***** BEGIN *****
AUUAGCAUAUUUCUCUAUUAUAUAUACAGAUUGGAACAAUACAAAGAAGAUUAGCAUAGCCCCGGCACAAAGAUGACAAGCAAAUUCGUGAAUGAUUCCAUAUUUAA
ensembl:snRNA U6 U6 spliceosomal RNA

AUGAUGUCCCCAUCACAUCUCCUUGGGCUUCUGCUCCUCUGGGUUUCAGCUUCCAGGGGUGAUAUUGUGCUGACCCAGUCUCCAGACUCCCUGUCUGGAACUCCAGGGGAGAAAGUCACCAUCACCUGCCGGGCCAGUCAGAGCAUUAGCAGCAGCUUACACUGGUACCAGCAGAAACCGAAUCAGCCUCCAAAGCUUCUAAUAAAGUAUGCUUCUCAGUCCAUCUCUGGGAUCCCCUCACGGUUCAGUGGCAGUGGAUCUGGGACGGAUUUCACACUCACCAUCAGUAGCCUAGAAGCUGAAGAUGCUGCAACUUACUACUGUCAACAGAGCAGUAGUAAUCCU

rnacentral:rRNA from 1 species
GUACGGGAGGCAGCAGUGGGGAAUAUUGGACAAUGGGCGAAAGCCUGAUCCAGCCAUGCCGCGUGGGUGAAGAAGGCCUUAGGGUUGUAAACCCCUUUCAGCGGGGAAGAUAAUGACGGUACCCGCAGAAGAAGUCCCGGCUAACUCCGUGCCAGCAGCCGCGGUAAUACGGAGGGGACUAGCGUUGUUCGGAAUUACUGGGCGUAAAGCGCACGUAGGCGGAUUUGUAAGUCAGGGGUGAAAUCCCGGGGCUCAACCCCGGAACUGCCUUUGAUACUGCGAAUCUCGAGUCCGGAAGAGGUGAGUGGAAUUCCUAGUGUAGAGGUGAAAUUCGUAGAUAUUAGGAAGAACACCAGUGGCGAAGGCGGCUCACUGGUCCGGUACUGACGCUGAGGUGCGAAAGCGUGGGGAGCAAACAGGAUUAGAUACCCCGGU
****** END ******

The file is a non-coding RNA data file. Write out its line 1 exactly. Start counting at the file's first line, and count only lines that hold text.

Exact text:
AUUAGCAUAUUUCUCUAUUAUAUAUACAGAUUGGAACAAUACAAAGAAGAUUAGCAUAGCCCCGGCACAAAGAUGACAAGCAAAUUCGUGAAUGAUUCCAUAUUUAA